Who To Believe...?

Photo Credit: Alex Wroblewski
The Conspiracists
Written and directed by Max Baker
Presented by Stable Cable Lab Co. at IRT Theater, NYC
April 22-May 7, 2017

Max Baker's new play, The Conspiracists, happens to be making its debut alongside widespread media coverage of the custody trial of toxic conspiracy monger Alex Jones, during which a lawyer for Jones argued that his on-air persona is merely performance art (a claim later disputed by his on-air persona). Many took this defense as a clear admission that he knowingly spreads lies for profit, but at least one writer has claimed that performing a character does not necessarily mean that the performer does not believe what the character delivers. That observation could apply equally well to the array of avowed believers who assemble as a support group in Baker's latest effort. In fact, one character, Hilda (Lisa Jill Anderson), posits, to the displeasure of the others, that belief in conspiracy theories is a self-protective measure masking feelings of powerlessness. That she may be objectively correct is not meant to demean these characters or to diminish the complexity of their lived experience, a point that is underscored by the fact that Hilda herself behaves not a sage dispenser of wisdom so much as a cheerfully, obliviously condescending outsider to the group, as absorbed in her own faintly silly interests as the conspiracists are in theirs.

The Conspiracists displays the same rich, deeply human portrayal of knotty interpersonal dynamics as Baker's previous two plays with Stable Cable Lab Co., Live from the Surface of the Moon and Because Me, and it picks up to some degree the former's concern with issues of memory and the latter's with the search for purpose. The play takes place in a typical church basement, with its large cross, table with plastic tablecloth and coffee maker, and array of mismatched folding chairs lit by the harsh glare of overhead fluorescents. Here, Win (Ian Poake) acts as the de facto leader of a weekly support group for believers in conspiracy theories. Brooke (Alice Johnson), outwardly a hippie; Dee Dee (Sofiya Cheyenne), on the lookout for perceived slights; Emmett (Arthur Kriklivy), self-positioned as the deep-thinking intellectual; and Jo (Ricki Lynée), quietly awkward and focused but likably friendly, round out the regulars. Each member has particular beliefs, and it quickly becomes apparent that even here, in a space dedicated to acceptance of alternatives, most of the group members don't hesitate to dismiss positions that don't agree with their own, despite the group's foundational opposition to the "mainstream" doing exactly that. We also glimpse the foundations of truths on which conspiracy theories are erected, such as that the United States government habitually lies to its citizens, which is a matter of historical record. Again, these characters are performing a version of what everyone does in order to create his or her own worldview. They are less different from the mainstream than they (or we) like to think in other ways as well, which becomes apparent as we learn more about them, from their resentment of Win's attempts at management to their lives outside the group.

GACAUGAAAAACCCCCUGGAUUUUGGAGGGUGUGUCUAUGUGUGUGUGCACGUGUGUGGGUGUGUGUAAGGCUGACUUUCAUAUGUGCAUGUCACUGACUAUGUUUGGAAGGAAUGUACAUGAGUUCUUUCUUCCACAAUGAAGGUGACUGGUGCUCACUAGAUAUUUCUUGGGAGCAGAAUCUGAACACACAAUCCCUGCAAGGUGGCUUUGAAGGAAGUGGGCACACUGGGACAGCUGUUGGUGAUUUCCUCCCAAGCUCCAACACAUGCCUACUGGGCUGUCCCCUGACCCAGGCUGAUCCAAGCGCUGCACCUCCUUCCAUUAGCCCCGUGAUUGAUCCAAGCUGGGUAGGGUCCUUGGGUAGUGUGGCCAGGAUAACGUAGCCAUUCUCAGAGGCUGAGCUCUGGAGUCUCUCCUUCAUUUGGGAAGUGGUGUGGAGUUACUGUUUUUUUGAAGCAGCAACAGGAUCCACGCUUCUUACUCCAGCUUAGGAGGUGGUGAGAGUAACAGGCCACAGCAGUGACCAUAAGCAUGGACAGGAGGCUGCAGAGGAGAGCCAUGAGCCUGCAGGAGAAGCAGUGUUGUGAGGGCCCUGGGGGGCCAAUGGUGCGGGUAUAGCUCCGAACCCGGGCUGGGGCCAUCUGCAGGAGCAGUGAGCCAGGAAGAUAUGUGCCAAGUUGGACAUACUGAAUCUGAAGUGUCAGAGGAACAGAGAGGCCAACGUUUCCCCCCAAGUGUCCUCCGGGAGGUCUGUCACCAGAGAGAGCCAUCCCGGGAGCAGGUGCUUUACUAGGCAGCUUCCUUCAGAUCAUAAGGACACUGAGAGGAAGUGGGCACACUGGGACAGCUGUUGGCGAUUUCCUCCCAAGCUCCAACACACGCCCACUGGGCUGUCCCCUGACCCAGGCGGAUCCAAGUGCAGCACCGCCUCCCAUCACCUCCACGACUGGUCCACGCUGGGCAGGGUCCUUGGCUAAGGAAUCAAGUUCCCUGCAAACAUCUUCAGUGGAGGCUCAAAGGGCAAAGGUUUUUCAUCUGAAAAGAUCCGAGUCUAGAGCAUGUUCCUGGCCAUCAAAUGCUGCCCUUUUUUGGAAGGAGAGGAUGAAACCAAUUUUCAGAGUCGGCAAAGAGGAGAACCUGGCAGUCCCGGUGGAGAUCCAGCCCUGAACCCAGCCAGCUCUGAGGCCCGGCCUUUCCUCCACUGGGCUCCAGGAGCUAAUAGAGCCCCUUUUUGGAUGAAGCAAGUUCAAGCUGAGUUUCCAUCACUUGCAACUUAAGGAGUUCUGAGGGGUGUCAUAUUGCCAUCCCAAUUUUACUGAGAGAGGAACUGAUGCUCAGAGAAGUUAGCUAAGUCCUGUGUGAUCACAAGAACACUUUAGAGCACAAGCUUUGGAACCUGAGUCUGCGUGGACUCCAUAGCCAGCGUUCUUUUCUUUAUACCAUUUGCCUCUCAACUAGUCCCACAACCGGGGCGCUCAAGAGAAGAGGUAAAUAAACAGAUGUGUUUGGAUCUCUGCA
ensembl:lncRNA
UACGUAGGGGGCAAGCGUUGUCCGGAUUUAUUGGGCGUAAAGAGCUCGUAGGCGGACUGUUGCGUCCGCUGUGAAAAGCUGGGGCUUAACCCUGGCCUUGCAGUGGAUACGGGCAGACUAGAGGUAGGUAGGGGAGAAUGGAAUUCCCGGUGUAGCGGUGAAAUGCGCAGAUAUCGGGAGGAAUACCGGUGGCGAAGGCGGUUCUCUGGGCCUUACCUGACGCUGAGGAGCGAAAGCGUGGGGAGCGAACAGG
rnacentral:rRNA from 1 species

Complicating this trajectory, however, is the instability of to whom we are referring when we say "the characters." The Conspiracists radically departs in its structure from the two Baker plays mentioned above, employing what might be called repetition with a difference. Jo is conducting experiments related to parallel universes, and the play takes that concept as its organizing principle. At one point, Emmett explains the theory that all of history comprises repeating three-part cycles of awakening, unraveling, and crisis, each part associated with a certain figure: the Nomad, the Hero, and the Artist, respectively. That the play too falls in a three-part cycle may or may not be coincidental. The structure includes clever interlocking elements among the parts, some more and some less subtle and some more and some less thematic. The play also takes place on Tuesday, November 1, 2016, one week before the presidential election, a moment which it is easy, though perhaps disheartening, to imagine as a point of divergence for an alternate version of this universe. This framing structure fits neatly with the consideration of alternative truths raised not only by the characters' embrace of conspiracy but also by moments such as Steve (Lisa Jill Anderson)'s assertion that memories often "feel more real than what actually happened" and Hilda's that feelings are themselves a type of truth. She is, again, a bit obnoxious about it, but not inaccurate, and the play cycles back with the results of Jo's final experiment to questions of how, with varying degrees of awareness, we mold our own perceptions.

Lisa Jill Anderson gets the flashiest role, excelling as the unstable Madonna, Camus-invoking Steve, and bubbly Hilda. The rest of the cast, however, make equally distinctive and funny showings. Ian Poake's Win is winningly affable, until things don't go how he has decided they should; Arthur Kriklivy creates a reserved yet layered Emmett, and Sofiya Cheyenne's exchanges with him as the brash Dee Dee provide some of the play's funniest moments. Alice Johnson rises to the occasion when Brooke's facade of cutesy euphemisms and tote bags finally breaks down, and Ricki Lynée's subtle, expressive performance brings impressive clarity to a character who spends a lot of the play not speaking.

Could there be a parallel universe in which parallel universes did not exist? While Emmett might find such a query intriguing, it is not the kind of question that The Conspiracists is interested in. Its speculative elements are always firmly in service of its characters, to their and the audience's great benefit. It is lucky that ours is a universe in which we can look forward to a new Max Baker play. - Leah Richards & John Ziegler